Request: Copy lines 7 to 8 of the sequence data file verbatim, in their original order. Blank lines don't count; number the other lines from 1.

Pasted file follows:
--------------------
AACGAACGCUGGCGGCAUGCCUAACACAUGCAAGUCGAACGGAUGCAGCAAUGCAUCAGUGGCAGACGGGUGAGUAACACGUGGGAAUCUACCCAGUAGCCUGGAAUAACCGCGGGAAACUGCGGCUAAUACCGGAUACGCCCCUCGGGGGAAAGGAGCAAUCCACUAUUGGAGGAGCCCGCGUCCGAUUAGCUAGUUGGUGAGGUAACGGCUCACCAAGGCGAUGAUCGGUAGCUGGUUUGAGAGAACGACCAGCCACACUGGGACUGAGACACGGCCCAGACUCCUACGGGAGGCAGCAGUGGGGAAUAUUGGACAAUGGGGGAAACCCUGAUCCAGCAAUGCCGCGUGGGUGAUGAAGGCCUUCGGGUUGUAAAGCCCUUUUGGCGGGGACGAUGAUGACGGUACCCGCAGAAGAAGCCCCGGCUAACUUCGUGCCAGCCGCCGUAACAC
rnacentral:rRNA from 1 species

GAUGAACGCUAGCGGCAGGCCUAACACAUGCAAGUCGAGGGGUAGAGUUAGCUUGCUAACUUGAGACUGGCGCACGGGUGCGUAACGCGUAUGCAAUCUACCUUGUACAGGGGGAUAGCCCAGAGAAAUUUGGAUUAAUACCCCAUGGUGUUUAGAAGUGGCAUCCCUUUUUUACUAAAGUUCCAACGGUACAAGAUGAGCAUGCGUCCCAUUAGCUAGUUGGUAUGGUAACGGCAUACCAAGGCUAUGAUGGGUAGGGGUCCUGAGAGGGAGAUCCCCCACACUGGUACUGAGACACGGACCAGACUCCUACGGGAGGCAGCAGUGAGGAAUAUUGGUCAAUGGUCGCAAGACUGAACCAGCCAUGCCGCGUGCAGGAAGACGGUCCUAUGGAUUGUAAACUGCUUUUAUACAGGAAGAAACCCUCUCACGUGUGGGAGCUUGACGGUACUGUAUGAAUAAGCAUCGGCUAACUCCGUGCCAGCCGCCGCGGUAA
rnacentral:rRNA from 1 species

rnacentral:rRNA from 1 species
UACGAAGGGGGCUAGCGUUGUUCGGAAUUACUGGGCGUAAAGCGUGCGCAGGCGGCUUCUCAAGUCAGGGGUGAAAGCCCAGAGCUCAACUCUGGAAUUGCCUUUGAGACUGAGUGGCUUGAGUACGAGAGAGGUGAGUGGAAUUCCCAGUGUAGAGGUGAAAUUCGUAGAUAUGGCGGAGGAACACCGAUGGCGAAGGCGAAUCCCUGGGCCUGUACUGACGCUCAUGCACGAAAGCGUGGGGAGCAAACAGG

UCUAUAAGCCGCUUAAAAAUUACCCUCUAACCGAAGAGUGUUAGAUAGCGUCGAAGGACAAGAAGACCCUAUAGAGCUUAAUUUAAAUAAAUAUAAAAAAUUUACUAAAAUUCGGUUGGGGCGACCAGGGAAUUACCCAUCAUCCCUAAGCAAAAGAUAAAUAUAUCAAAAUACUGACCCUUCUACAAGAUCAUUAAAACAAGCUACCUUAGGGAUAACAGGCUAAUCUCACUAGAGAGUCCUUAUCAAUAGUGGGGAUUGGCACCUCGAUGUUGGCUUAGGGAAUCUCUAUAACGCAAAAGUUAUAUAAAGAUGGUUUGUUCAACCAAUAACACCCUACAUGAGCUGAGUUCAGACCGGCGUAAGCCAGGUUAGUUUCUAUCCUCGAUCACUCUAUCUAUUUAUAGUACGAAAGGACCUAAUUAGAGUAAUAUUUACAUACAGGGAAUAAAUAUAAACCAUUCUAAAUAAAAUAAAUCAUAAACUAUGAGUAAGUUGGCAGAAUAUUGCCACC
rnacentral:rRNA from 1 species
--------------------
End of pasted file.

UCUAUAAGCCGCUUAAAAAUUACCCUCUAACCGAAGAGUGUUAGAUAGCGUCGAAGGACAAGAAGACCCUAUAGAGCUUAAUUUAAAUAAAUAUAAAAAAUUUACUAAAAUUCGGUUGGGGCGACCAGGGAAUUACCCAUCAUCCCUAAGCAAAAGAUAAAUAUAUCAAAAUACUGACCCUUCUACAAGAUCAUUAAAACAAGCUACCUUAGGGAUAACAGGCUAAUCUCACUAGAGAGUCCUUAUCAAUAGUGGGGAUUGGCACCUCGAUGUUGGCUUAGGGAAUCUCUAUAACGCAAAAGUUAUAUAAAGAUGGUUUGUUCAACCAAUAACACCCUACAUGAGCUGAGUUCAGACCGGCGUAAGCCAGGUUAGUUUCUAUCCUCGAUCACUCUAUCUAUUUAUAGUACGAAAGGACCUAAUUAGAGUAAUAUUUACAUACAGGGAAUAAAUAUAAACCAUUCUAAAUAAAAUAAAUCAUAAACUAUGAGUAAGUUGGCAGAAUAUUGCCACC
rnacentral:rRNA from 1 species